“We would need to fight discovery if it ever got to the point where they followed the Gen Now $,’’ Borges wrote to a colleague in an October 2019 text. Generation Now is the dark money group created to hide bribes.

FirstEnergy poured $15 million into the dark money group for Householder’s use between the time of the bill’s introduction in April 2019 and its final passage that July. The nonprofit spent the money on radio and TV ads, polling, staff, and mailers, all without ever disclosing its ties to FirstEnergy or control by Householder. It entered a guilty plea about two years after Borges’ comments.

Borges’ quest for secrecy extended to dealings with Tyler Fehrman. Fehrman was working for the referendum against HB 6;  Borges was working to block the referendum at all costs. Borges offered to pay Fehrman for inside information about his side’s progress. Fehrman initially turned Borges down—then alerted the FBI and told Borges that he wanted the money after all. The FBI listened in.

“Don’t Tell Anyone About Our Conversation”

Initially, Borges was skeptical of Fehrman’s sudden change of heart. “You’re not trying to set me up here, are you?” Borges asked him, expressing fears that Fehrman would collect damaging information, then leak it to the press. “It would be bad for both of us if a story like that came out, but it would be worse for you,’’ Borges said, according to a conversation secretly recorded by the FBI.

The FBI also recorded Borges and Fehrman discussing the $15,000 check. “No matter whatdon’t ever tell anyone about our conversation from earlier,” Borges told him.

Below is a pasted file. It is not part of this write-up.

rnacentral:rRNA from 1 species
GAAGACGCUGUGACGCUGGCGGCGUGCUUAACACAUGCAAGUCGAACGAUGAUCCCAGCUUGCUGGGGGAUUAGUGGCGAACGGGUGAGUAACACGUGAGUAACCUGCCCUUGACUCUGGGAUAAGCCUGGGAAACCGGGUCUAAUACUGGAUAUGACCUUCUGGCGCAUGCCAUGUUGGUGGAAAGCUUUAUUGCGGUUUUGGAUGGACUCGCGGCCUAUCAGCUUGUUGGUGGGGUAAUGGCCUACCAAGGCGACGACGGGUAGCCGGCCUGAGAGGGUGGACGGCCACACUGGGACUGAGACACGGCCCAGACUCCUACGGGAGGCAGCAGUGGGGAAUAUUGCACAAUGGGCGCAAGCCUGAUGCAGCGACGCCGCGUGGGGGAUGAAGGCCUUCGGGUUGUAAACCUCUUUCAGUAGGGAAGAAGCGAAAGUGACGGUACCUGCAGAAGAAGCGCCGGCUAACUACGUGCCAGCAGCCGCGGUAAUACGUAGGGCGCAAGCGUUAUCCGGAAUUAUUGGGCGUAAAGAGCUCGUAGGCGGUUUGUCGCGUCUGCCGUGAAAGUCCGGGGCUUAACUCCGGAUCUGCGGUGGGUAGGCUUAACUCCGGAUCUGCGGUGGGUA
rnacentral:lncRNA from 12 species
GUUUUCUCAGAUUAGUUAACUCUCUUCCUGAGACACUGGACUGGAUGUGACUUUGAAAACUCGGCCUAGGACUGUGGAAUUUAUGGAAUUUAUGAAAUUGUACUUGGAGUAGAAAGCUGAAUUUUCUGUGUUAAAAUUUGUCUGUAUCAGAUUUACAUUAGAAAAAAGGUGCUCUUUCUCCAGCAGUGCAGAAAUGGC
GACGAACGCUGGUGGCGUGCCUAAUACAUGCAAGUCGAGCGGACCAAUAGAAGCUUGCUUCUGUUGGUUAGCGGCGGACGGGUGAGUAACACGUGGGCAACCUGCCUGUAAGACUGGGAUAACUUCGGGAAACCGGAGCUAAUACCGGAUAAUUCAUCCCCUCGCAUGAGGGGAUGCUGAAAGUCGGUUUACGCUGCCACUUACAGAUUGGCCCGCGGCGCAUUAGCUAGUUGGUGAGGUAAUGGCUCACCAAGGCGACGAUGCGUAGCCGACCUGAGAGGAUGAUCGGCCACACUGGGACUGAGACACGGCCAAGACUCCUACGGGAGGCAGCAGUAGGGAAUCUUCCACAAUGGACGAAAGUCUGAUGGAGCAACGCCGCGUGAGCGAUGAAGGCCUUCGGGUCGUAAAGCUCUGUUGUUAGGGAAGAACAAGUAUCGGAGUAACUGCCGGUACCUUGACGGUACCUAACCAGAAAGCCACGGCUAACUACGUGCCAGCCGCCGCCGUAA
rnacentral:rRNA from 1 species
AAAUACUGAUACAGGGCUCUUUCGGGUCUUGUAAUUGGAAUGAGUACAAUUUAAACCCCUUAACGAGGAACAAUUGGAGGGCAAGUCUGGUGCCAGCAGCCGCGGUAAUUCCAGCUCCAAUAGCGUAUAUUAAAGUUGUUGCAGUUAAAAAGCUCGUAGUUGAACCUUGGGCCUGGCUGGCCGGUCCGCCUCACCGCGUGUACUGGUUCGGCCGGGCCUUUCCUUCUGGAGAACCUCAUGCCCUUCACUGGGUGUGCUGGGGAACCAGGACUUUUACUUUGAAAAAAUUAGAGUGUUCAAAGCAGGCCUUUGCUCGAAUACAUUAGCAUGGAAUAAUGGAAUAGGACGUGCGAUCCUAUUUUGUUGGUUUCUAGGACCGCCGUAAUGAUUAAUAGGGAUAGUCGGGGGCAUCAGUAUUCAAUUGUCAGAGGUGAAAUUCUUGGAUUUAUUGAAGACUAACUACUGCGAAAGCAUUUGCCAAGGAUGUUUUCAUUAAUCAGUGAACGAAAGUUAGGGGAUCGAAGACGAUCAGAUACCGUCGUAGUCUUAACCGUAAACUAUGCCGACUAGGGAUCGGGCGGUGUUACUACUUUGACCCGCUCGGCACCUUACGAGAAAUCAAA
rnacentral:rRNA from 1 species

Secretary of State Frank LaRose in the Mix

New information emerged at Monday’s session involving Secretary of State Frank LaRose. As he urged discretion from others, Borges freely shared information that could be damaging to Attorney General Yost and Secretary of State Frank LaRose—state offices that can use their discretion to help or hurt referendum campaigns.

At the time referendum supporters were hard at work, they grumbled that LaRose’s office immediately supplied referendum opponents with records they needed to undermine the effort. Although the quick release of records’ was not part of the testimony, the efforts to curry favor with the Secretary of State were on full display during Monday’s trial..

‘’LaRose is expecting us to be publicly supportive of him,’’ Borges wrote in a text message shown to jurors. ‘’He can be our friend in this … so let’s be supportive of him.’’ 

LaRose later asked for, and received, a meeting with John Kiani, board chairman of FirstEnergy Solutions, the FirstEnergy subsidiary that owned the nuclear plants, according to a November 2019 text conversation between Borges and FirstEnergy Solutions lobbyist Juan Cespedes.

“ ‘Are you sure about that?’” Cespedes replied, “He will live to regret that.” 

Cespedes has pleaded guilty and is expected to testify this week.

Yost’s office was involved in another way. The AG was tasked with reviewing the referendum to confirm the summary language that would appear on petitions and on the ballot accurately described the bill. He initially rejected the summary language in mid-August, but accepted it 18 days later, helping Borges by shrinking the time available to collect signatures.

Prosecutors made it clear that Borges was hired because of his close ties to Yost.

Householder Wants to Keep Troubling Image from Jurors

The case is before U.S. District Court Judge Timothy Black. He has not yet ruled on whether to show jurors a photo of the Ohio Statehouse with the FirstEnergy Stadium logo superimposed on it. Utility executives passed around the photo-shopped image on the day the bailout passed, and former FirstEnergy consultant Mike Dawson shared it on Twitter.

“It shows a recognition that FirstEnergy had control over the Statehouse,” Assistant U.S. Attorney Matthew Singer told Judge Black.

OSU’s Ned Hill embraced the same theme.

“The motto on Ohio’s license plates should not be ‘Ohio, the Heart of it All.’” Hill said. “It should be, ‘Let’s Make a Deal.’ “